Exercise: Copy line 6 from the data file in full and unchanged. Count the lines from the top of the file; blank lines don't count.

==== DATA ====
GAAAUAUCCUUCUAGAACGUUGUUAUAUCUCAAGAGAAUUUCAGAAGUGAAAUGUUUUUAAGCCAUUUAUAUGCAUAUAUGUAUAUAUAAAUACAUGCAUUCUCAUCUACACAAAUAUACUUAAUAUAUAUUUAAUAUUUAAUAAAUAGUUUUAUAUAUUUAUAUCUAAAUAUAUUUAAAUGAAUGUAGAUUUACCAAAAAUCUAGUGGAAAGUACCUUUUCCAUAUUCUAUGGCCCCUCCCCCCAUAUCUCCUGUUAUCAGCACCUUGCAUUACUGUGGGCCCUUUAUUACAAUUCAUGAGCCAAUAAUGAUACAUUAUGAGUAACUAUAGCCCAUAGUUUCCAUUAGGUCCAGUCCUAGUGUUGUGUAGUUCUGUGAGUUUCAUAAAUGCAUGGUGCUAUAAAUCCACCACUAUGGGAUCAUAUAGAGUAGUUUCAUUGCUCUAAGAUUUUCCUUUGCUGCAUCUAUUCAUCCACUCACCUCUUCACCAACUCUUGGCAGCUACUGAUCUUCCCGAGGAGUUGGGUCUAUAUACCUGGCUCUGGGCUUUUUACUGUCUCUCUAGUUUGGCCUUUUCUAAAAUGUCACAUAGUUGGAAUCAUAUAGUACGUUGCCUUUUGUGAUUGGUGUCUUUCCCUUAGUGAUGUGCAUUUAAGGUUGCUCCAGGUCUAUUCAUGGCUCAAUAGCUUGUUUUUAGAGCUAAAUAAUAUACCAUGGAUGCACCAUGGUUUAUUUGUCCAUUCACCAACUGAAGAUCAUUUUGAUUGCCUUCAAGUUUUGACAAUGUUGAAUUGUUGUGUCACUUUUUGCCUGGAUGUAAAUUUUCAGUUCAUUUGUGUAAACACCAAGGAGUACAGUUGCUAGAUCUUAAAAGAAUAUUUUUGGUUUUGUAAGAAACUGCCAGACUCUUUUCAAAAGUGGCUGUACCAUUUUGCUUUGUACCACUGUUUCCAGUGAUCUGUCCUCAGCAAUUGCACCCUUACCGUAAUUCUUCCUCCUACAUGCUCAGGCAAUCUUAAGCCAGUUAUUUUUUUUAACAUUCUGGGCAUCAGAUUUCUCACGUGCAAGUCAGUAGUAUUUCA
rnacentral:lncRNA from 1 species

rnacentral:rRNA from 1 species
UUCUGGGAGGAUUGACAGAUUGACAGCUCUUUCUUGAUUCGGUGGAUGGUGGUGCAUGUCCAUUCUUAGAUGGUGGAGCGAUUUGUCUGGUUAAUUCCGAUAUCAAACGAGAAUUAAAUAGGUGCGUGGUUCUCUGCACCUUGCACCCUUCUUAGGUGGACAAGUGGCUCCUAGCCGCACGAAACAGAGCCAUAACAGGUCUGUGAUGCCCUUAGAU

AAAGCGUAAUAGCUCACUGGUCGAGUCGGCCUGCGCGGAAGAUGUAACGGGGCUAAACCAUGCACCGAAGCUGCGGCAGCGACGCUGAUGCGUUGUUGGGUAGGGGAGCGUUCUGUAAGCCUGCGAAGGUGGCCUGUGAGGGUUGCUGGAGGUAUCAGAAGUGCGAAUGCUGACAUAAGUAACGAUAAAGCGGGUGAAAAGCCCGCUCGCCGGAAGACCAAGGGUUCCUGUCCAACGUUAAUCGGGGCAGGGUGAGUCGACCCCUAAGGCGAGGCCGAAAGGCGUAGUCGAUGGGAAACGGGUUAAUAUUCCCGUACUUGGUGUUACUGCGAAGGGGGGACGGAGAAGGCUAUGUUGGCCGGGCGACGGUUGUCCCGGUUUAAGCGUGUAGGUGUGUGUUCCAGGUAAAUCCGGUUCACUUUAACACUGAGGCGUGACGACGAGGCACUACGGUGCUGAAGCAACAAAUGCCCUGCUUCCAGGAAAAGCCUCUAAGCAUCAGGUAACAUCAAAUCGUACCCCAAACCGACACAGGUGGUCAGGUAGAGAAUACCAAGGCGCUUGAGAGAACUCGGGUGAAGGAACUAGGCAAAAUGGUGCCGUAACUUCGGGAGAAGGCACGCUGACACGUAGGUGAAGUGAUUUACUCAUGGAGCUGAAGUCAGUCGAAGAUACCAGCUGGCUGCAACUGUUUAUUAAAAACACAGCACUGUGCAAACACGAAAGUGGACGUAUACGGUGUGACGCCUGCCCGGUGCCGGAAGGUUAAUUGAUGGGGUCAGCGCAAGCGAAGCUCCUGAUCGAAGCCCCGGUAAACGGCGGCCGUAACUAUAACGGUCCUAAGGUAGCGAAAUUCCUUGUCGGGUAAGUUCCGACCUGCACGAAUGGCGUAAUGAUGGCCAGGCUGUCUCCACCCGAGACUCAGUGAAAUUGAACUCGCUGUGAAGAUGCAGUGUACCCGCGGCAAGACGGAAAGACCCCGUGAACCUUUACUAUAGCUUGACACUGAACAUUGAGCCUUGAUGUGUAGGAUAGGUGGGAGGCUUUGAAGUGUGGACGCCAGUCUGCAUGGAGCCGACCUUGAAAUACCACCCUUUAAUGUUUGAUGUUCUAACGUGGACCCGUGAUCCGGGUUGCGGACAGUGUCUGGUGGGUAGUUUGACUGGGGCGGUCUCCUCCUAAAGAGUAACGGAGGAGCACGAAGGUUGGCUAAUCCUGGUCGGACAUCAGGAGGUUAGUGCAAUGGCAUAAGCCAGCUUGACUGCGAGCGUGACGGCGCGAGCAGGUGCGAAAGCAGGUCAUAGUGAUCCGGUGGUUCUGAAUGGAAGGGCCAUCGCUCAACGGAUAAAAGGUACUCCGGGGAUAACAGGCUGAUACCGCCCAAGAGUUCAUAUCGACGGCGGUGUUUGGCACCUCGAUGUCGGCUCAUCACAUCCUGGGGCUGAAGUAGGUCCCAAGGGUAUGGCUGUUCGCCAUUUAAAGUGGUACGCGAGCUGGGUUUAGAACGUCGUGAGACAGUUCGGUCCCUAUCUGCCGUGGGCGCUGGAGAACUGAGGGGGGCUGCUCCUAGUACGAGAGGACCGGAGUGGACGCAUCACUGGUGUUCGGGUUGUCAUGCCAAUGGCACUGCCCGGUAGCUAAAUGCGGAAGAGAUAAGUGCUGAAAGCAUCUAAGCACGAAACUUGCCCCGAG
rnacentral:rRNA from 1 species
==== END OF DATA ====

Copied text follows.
rnacentral:rRNA from 1 species